Giving Compass' Take:
- Latest job quality surveys reveal that the COVID-19 pandemic significantly impacted job satisfaction among employees who were already unhappy with their jobs.
- Why is job quality important beyond the pandemic? How will economic recovery address job quality and unemployment rates?
- Learn more about improving job quality during COVID-19.
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Last April, the coronavirus pandemic brought the longest economic expansion in American history to an abrupt and shocking halt. In just a few short months, the unemployment rate shot up from a fifty-year low of 3.5 percent in February to nearly 14.7 percent in April. A year later, many people are breathing a sigh of relief as the rate has ticked back down to 6 percent, with some taking it as a sign that America is on track to full economic recovery.
But while recent headlines may be cause for optimism, they don't tell the whole story. Using the unemployment rate to gauge the health of an economy is like putting your hand on someone's forehead to check whether they have COVID-19. It can tell you whether they're running a fever, but it doesn't provide enough data to make an accurate diagnosis.
The truth is, the unemployment rate tells us nothing about the quality of jobs, making it an inadequate metricto understand the true health of the labor market. Gallup's 2020 Great Jobs Report, which Omidyar Network supported in partnership with the Bill & Melinda Gates Foundation and Lumina Foundation, found that more than half (52 percent) of those who were laid off during the pandemic — even if they were subsequently re-hired — reported a decline in their overall job quality as measured across eleven dimensions, including pay, benefits, stability, and safety.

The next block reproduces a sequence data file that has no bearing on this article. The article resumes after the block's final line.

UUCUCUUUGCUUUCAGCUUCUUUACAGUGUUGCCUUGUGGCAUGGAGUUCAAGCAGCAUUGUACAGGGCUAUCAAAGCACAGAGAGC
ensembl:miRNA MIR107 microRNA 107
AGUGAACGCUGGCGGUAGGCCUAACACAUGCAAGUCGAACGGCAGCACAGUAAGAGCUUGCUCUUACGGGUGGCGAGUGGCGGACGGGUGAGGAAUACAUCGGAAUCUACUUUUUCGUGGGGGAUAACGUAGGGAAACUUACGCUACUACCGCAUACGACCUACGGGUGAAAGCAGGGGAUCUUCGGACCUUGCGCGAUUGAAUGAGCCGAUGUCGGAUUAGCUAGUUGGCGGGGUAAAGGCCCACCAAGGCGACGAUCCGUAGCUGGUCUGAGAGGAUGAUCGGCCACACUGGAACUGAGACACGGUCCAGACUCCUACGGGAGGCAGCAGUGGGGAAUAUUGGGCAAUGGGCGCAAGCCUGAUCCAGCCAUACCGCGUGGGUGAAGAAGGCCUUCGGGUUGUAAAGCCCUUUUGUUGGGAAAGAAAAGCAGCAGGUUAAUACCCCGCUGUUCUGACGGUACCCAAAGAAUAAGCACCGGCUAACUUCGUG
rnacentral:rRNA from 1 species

First commissioned in 2019, the Great Jobs survey was groundbreaking: unlike simple "job satisfaction" metrics aimed at providing an overall sense of job satisfaction, the intent of the survey was to look under the hood of the labor market and identify trouble spots. A diverse group of more than sixty-six hundred working people were asked to define what a "good" job looks like and then assess how their own jobs stacked up against that standard. The original survey showed that less than half (40 percent) of working people in the United States believed they were employed in a good job, while one in six (16 percent) believed they were stuck in a bad job, with significant disparities by race.
The latest survey gives us a window into how the pandemic has impacted job quality. Those who started 2020 in a low-quality or "bad" job — based on their own assessments — were far more likely to have been laid off (36 percent) than those working a high-quality or "good" job pre-pandemic (23 percent). And low-wage workers with high-quality jobs in 2019 reported experiencing much lower COVID-19 risk and better employer-provided protective measures during the pandemic. The fact is, job quality matters, especially when a crisis hits.
Read the full article about job quality during COVID-19 and beyond by Tracy Williams at PhilanTopic.